survived night at sea
The day before yesterday we decided to take the boat out for an overnight jaunt. Nothing dramatic, just a little motor to somewhere close to the dock, drop the hook (anchor) and see what works and what breaks. We can always jump into the dinghy and zip back to the dock if we need parts or supplies that we just can't get through the night without. Basically like being at the dock, only one step removed. We decided to wait another day, as the wind was up around 12-15 mph with higher gusts.
Our land based followers will scoff. "That's not windy!" they will say. Our water experienced brethren will scoff. "You have a SAILboat!" they will say.
To the former, I would remind you that inland, you have many windbreaks to disrupt the power of the wind. Most of your experience of continuous wind comes from the times when you are at a shopping center that is located in an elevated location (Lowe's at Concord Mills Mall in Concord, NC comes to mind.) There is a very different feeling from your home where there are buildings and trees to break up the wind. Here, we live in the weather full time.
To the latter, you are right. Most would call that good sailing weather. The difference here comes from experience. Let me elaborate.
We had a sailboat on Lake Norman near Charlotte some number of years ago, when the kids were young. We also have five children. When we were out on the boat, I handled the boat and Carol handled the kids. We were on an INLAND lake (see note above) on a much smaller boat. Carol is learning to handle basically her first boat. Any novice would have trouble backing a 40 foot boat out of a slip with 20-25 gusts on the beam (side).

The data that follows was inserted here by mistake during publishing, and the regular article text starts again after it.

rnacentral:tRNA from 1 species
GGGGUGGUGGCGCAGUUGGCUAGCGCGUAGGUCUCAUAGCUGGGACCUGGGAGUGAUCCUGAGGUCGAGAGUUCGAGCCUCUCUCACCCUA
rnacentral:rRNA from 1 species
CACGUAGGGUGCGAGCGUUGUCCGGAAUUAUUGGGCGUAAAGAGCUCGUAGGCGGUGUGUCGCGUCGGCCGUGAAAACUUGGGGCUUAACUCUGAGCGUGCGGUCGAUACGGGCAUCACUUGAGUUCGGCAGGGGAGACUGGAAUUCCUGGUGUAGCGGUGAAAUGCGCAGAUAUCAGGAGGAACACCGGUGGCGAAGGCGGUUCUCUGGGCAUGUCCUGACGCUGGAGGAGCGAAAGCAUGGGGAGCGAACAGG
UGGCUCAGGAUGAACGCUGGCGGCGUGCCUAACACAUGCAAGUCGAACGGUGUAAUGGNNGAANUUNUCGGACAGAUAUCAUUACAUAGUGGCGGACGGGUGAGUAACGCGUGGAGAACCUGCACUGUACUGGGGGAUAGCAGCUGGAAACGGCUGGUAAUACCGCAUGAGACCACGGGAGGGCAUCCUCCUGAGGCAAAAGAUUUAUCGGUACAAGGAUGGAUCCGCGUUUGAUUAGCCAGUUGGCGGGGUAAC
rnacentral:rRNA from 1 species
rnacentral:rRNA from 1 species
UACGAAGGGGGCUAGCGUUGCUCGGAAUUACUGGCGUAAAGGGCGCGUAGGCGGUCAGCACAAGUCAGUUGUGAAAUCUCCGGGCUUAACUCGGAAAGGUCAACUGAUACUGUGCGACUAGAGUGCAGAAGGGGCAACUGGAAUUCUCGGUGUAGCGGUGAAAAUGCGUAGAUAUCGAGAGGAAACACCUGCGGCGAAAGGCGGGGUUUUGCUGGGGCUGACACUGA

And there is no reason to rush things. After all, I'm not closing. So...let's wait on the weather. We'll be doing a lot of that if we decide this is the way we want to live. So we waited until yesterday.
When we left yesterday morning, the wind had abated slightly. I got the boat out of the slip and Carol took the helm. A quick practice run up Broad Creek and we turned back toward the dock. A couple of tries later and we set the hook in 7 feet of water about a mile from the dock. (I let out about 60 feet of chain for the 5 mph of wind that was forecast. We could probably have cut the anchor off and the chain alone would have held us in place, but I did not want to drag on this, our first night, when Carol was already nervous.) We had a quiet night and awoke this morning to a dense fog, the first I have seen in these waters. Pretty cool.
So this morning Carol motored us back to the dock and docked the boat like a champ. Small steps, but they lead to bigger ones.
We found a few things that needed work and a few that worked out right. A good night, all in all.